But as with all history, it’s necessary to avoid retrofitting the past with the values of a different age.

Like Churchill and Stalin, the president had known war in up close and personal terms. He had served as an artillery officer in France during some of the worst carnage of World War I.

The first months of 1945 in the Pacific had brought losses as appalling as any in the trench warfare of World War I. U.S. forces were battling their way from island to island toward the Japanese mainland. On Iwo Jima there were 26,000 American casualties and 6,800 dead—and almost total annihilation on the other side: Of 22,060 Japanese soldiers on the island, 18,844 had died. On Okinawa there were 62,000 U.S. casualties and 12,000 dead.

The closer defeat came, the more fanatical the Japanese became. Attacks on American naval forces by nearly 3,000 of the suicidal Kamikaze pilots sank more than 40 Navy ships (the precise number remains disputed), damaged 368 more and, killed 4,000 sailors, wounding more than 4,800.

At Potsdam, Churchill noted: “We had contemplated the desperate resistance of the Japanese fighting to the death with Samurai devotion… in every cave and dug-out… to conquer the country yard by yard might well require the loss of a million American lives. Now all this nightmare picture had vanished. In its place was the vision—fair and bright indeed it seemed—of the end of the whole war in one or two violent shocks.”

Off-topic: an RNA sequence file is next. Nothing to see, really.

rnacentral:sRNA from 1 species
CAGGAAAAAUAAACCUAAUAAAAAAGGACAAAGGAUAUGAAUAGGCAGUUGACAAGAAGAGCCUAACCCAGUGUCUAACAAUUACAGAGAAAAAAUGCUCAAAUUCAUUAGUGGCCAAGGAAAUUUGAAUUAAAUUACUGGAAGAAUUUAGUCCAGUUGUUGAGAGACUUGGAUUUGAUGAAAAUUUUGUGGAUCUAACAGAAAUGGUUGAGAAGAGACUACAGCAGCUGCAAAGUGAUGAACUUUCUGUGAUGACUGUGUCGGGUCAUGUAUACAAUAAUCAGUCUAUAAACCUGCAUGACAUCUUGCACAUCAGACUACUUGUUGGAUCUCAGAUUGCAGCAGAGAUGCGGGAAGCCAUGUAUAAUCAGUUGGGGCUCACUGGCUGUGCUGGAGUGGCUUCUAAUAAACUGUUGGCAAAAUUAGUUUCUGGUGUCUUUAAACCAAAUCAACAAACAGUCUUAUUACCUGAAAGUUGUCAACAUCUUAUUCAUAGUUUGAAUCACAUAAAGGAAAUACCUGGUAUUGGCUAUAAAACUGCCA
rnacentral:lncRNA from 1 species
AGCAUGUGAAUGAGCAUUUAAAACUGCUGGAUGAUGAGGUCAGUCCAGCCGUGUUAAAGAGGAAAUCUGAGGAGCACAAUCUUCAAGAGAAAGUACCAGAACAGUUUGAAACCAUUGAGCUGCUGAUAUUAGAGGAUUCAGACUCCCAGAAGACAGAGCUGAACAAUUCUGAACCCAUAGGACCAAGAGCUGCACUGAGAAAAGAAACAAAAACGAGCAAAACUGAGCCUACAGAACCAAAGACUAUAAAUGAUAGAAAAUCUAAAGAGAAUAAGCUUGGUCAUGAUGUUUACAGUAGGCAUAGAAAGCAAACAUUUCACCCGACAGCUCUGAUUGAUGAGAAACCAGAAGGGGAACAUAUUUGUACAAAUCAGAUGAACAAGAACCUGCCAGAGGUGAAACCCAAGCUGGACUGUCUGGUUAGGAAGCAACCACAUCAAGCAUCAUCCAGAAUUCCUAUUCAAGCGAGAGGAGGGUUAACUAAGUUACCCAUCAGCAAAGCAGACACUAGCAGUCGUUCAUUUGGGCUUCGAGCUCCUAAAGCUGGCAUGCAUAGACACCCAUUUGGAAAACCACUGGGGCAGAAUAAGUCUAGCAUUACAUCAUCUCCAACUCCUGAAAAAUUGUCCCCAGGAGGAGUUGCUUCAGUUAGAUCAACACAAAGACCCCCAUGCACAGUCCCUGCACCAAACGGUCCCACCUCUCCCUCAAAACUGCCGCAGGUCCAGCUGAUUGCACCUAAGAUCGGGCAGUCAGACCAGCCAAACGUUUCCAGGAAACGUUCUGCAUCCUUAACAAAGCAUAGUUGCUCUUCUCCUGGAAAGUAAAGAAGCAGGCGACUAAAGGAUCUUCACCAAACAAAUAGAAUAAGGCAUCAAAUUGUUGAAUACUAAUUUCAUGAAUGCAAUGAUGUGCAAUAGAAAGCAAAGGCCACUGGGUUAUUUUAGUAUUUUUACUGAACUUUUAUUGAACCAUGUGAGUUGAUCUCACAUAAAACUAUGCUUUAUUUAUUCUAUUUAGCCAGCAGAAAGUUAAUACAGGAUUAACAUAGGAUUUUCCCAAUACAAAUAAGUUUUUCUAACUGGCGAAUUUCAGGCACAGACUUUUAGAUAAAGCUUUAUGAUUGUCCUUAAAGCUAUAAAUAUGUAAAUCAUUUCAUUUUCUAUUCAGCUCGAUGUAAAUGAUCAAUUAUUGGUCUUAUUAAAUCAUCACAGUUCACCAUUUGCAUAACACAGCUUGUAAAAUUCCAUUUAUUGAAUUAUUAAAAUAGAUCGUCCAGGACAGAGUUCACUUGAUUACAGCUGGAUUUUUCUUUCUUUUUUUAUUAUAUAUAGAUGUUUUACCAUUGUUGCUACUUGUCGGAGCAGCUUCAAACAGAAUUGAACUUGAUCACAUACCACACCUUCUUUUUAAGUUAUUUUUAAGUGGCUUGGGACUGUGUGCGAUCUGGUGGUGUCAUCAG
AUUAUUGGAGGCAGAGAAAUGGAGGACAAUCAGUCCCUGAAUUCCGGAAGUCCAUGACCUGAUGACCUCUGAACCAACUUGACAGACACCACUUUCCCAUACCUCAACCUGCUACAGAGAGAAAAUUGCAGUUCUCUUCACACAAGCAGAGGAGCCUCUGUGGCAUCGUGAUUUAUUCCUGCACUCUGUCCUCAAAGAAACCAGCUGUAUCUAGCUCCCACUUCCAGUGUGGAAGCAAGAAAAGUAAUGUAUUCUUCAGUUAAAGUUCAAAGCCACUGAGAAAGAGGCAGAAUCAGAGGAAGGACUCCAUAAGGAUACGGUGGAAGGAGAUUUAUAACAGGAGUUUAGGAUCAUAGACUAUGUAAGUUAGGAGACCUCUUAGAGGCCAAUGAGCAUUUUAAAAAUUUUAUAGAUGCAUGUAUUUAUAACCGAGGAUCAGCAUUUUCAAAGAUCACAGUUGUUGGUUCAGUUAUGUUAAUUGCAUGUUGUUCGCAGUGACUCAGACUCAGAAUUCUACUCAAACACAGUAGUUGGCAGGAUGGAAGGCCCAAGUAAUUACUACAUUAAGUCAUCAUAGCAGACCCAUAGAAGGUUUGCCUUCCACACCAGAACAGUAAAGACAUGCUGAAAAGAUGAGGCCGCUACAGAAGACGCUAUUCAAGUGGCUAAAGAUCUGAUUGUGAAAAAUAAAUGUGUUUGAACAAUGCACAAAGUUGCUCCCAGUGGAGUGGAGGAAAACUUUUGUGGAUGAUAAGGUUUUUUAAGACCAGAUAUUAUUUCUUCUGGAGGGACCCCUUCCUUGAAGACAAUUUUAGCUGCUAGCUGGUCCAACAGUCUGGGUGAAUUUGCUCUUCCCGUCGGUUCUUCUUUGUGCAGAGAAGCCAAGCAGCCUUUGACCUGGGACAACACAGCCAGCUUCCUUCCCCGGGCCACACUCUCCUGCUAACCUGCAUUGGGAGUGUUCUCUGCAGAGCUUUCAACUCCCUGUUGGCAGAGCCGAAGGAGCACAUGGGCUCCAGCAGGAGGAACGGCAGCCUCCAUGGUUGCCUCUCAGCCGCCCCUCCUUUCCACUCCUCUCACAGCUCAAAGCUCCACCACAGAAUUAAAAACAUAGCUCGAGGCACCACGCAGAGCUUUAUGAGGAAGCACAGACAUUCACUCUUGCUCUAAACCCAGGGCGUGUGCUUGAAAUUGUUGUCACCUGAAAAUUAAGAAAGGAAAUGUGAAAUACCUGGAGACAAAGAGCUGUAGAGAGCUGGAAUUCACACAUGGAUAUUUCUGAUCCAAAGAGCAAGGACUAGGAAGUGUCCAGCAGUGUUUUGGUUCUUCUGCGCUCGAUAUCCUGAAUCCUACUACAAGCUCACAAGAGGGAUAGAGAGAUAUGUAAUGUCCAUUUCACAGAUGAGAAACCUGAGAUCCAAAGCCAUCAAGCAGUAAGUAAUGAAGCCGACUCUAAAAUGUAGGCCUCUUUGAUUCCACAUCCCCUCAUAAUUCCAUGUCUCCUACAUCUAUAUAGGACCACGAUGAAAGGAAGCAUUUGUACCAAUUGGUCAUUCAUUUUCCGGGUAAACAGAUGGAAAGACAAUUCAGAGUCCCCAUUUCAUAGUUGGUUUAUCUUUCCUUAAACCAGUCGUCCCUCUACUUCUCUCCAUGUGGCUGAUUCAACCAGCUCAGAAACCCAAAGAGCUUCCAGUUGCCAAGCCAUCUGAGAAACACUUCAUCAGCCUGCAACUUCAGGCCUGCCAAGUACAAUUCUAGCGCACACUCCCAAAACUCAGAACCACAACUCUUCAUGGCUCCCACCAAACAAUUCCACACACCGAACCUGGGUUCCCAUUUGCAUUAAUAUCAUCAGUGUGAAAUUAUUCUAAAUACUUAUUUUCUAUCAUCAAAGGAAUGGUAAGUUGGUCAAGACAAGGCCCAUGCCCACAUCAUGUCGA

Something else had happened that was not discussed in Potsdam and only a few people in the military intelligence staffs saw its significance. The Nazis had successfully deployed the world’s first ballistic missile, the V-2, which they had used against southern England with devastating results. The Enola Gay was already an obsolescent delivery system. Once the intercontinental ballistic missile was paired with a nuclear warhead in the early 1960s the ultimate doomsday weapon was at hand.

The closest the world came to seeing the consequences was in the Cuban Missile Crisis of 1962. President Kennedy and his brother, Attorney General Robert Kennedy, had to restrain trigger-happy hawks in the military from nuking Russian bases in Cuba and, almost inevitably, launching World War III. The first use of atomic weapons had ended a war. After that, every American leader understood that beginning a war with them would be very different.